Wet pearls against red lips. Sparkling high heels walking through filthy water. A tongue encased in silver.
Before she became famous, Marilyn Minter was a product of much of the same “nightclub kid” scene of the 1970s and 1980s that begot Madonna. And the artist’s works–hyperrealistic close-ups of gleaming body parts–were as censored and controversial as some of the pop queen’s.
Ms. Minter’s drug-addicted, bedridden mother was an early subject, and enormous breasts have figured large in her work, even sex acts. In 1989, she tackled a subject specifically because no other major female artist ever had: pornography. Her giant, glistening, explicit pieces, enamel painted on metal, were rejected by feminists and conservatives alike.
Despite her critics, Ms. Minter was “rediscovered” in the Whitney Biennial of 2006, hailed for Stepping Up, a painting from her skilled series about the seedy side of glamour.
Team Gallery invited her to hang the reviled works from early in her career, along with another series on children from the period, “Big Girls/Little Girls,” at a show that runs through April 30. The Observer sat down at the gallery with the flame-haired painter and photographer right before she left for a solo show in Germany and talked to her, ruefully, about her “overnight” success.
The Observer: It’s been 30 years since you’ve shown these works together. Why now?
Marilyn Minter: It was Jose [Freire]‘s idea from Team Gallery, the director. I think he saw them in a talk I gave, and pretty soon after that he made a proposition: ‘You want to revisit that work?’ I said, ‘Well yeah, I think we can find it.’ And we did; it took us a year to find it. I still don’t have everyone, everything–I couldn’t find half of it.
The works weren’t well received at the time.
In the late ’80s, I think my vision was chasing people out of the room. Nobody else thought like this. I was really this pro-sex feminist. I did think that nobody has politically correct fantasies. And I thought that women should have imagery for their own pleasure. And I thought that everyone thought like that.
There was censorship?
My New York dealer shut my show down a week early once. And I got kicked out of a couple group shows. I was going to be in group shows, and then all of a sudden I wasn’t in them anymore. It wasn’t overt but covert; I think the reason was because I was considered a traitor to feminism. Disappointing when you have criticism from the left; you expect it from fundamentalists, but it is a big shock when it comes from the politically correct left.
What was going on in your life at the time you were making these works? You were collaborating with a team of artists in the East Village …
It was a big experiment. We were doing lots of drugs and getting high. Once I got out of rehab, these are the first paintings that I made. That painting [she gestures at Big Girls, 1986] was the first one that I didn’t destroy. I made these when I got out of rehab.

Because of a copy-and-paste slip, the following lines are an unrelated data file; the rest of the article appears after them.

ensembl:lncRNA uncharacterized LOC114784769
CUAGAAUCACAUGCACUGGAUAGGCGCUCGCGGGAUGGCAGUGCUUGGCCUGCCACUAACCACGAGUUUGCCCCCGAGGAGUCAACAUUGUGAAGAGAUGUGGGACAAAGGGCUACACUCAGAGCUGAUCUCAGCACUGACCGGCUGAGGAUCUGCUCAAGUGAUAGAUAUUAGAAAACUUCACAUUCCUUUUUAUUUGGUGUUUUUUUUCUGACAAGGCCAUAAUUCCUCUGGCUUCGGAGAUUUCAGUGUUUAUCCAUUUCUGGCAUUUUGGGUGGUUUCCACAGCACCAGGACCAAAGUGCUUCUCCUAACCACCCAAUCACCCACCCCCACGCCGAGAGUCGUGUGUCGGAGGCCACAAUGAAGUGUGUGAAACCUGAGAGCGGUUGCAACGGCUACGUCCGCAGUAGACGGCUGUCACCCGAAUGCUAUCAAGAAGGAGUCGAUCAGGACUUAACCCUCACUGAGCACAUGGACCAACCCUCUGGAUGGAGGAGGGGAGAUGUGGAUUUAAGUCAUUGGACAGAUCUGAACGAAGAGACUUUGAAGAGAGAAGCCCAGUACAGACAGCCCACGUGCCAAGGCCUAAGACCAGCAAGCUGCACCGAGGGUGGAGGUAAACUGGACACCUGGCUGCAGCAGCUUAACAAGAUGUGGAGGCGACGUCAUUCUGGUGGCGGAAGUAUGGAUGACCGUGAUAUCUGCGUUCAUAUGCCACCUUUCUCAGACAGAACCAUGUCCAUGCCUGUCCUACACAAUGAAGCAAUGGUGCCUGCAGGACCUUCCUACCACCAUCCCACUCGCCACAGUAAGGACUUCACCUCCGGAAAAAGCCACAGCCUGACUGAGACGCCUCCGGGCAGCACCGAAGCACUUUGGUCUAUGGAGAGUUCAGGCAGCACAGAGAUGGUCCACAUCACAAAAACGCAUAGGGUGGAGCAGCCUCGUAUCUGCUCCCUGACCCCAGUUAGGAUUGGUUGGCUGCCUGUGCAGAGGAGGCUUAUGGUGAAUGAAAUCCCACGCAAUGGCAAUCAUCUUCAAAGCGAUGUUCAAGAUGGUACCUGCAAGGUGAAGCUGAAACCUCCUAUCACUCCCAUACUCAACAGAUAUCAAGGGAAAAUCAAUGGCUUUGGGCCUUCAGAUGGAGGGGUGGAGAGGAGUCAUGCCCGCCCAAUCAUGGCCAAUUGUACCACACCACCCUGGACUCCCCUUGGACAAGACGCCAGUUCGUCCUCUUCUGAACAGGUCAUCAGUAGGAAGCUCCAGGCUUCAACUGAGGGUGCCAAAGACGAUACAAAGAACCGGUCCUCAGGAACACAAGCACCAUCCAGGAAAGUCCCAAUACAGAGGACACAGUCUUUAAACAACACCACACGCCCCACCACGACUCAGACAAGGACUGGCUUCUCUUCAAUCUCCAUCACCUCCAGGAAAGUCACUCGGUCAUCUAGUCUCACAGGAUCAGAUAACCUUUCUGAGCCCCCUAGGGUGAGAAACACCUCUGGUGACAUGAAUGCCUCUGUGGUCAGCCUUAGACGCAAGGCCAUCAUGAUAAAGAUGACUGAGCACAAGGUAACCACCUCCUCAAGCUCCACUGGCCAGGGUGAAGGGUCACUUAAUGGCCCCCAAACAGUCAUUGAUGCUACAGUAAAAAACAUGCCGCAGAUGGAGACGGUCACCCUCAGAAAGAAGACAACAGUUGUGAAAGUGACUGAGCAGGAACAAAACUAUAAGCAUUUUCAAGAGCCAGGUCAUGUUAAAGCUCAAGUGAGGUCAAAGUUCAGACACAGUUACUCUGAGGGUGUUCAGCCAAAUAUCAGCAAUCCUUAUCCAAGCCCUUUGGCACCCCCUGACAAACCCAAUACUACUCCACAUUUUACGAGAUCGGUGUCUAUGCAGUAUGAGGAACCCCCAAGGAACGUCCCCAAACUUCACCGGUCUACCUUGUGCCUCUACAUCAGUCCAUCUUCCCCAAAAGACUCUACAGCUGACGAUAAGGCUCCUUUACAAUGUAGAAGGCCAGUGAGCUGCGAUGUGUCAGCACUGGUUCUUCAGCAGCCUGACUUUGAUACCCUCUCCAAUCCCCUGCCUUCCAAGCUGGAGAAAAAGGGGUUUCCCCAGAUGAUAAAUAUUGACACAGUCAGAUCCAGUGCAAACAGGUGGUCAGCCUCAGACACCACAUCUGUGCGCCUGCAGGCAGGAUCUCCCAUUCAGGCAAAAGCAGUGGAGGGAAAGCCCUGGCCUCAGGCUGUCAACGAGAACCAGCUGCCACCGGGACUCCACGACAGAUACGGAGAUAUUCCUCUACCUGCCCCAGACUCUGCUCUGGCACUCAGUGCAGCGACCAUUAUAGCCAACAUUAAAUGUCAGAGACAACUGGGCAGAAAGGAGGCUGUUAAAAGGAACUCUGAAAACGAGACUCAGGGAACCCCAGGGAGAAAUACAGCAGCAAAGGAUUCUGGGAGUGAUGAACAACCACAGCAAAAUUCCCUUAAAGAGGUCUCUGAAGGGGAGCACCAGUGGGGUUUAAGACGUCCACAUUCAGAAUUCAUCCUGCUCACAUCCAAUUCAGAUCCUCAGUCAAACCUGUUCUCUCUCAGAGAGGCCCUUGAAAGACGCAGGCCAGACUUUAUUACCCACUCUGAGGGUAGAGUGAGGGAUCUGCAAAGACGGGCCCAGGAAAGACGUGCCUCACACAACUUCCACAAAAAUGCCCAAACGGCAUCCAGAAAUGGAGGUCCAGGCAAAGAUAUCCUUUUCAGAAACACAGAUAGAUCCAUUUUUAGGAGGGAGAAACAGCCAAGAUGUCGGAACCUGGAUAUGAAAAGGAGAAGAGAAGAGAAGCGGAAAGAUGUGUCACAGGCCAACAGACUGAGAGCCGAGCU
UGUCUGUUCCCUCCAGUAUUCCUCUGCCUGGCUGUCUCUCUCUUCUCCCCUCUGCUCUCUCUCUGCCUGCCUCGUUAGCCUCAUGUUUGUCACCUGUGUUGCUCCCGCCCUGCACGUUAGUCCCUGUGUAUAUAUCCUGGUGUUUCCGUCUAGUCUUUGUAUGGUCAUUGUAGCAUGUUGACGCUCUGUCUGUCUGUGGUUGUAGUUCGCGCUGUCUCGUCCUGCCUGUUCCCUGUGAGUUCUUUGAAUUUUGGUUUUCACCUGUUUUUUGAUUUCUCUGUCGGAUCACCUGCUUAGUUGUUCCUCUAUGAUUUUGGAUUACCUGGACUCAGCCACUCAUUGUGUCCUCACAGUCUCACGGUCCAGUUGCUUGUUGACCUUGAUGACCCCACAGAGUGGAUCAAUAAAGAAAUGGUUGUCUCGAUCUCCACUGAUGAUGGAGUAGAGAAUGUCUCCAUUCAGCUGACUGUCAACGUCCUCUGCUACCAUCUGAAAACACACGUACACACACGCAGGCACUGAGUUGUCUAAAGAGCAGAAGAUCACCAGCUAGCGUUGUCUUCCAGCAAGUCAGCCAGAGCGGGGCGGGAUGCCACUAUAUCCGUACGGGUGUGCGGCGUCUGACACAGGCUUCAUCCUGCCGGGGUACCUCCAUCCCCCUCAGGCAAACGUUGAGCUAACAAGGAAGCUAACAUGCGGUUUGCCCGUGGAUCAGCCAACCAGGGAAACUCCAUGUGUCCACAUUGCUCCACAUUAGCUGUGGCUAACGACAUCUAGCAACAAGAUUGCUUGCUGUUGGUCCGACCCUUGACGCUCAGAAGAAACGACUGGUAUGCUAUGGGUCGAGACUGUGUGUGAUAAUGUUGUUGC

After rehab, how many did you actually destroy?
At least 10. Ten pieces of shit. Ten lousy paintings. I was trying to find myself.
Talk about the “Big Girls/Little Girls” series, which juxtaposes altered images of movie stars with images of little girls looking at their distorted reflections in fun-house mirrors.
My generation saw fun-house mirrors; your generation looks at video games. I grew up in the South, so they’d be at fairs, and they were really fun, they distorted you so much. I thought it made a lot of sense to use that imagery because I grew up with it.
[Early on] I couldn’t figure out how to make a contribution to art history as a realist, so I took images that I liked and I [altered them]. … It is basically a conceptual piece. I was thinking in terms of a little girl in a fun-house mirror, and these two famous movie stars, and I fractured it. … I just projected [it on the wall] while I was painting and I projected at an angle. So there’s this parallel of distortion, and in the middle of that painting is the girl looking into the fun-house mirror.
How have the responses to you work changed from the ’80s to now?
That’s hard to gauge. I’ve been a much more accessible artist to the world since 2006 when I was in the Whitney Biennial. So people are a lot more receptive to what I have to say.
Has the thinking on sexual imagery in art changed?
The Internet has desensitized people to sexual imagery. But there’s still a real glass ceiling. … I can be an old lady and work with sexual imagery, but as a young girl there is still a glass ceiling. But I’m not sure; it is really complicated, and sexual imagery is so loaded, and male or female, anyone who works with it is going to get criticized [for sexual exploitation].
Concerning your porn-inspired work, how did you choose your films or source materials?
All of the porn that I picked–well, at that point it wasn’t video. You had to get it from magazines. There were these giant emporiums on 42nd Street, and I was trying to cover everybody. All the different modes of being and sexuality.
What helped you continue as an artist despite some of the brutal criticism you received?
It is not like I had any choice in the matter. I am not that accomplished. I can hardly spell or add–like, all of sudden I would do anything else. … But I think I do everything I do because I don’t have a choice in the matter as an artist. I have a gift for only one thing. People that are accomplished have choices. I never had a choice.
Is that what it means to be an artist?
They really can’t do anything else. Life is so much easier not being one. You can go bowling Friday nights.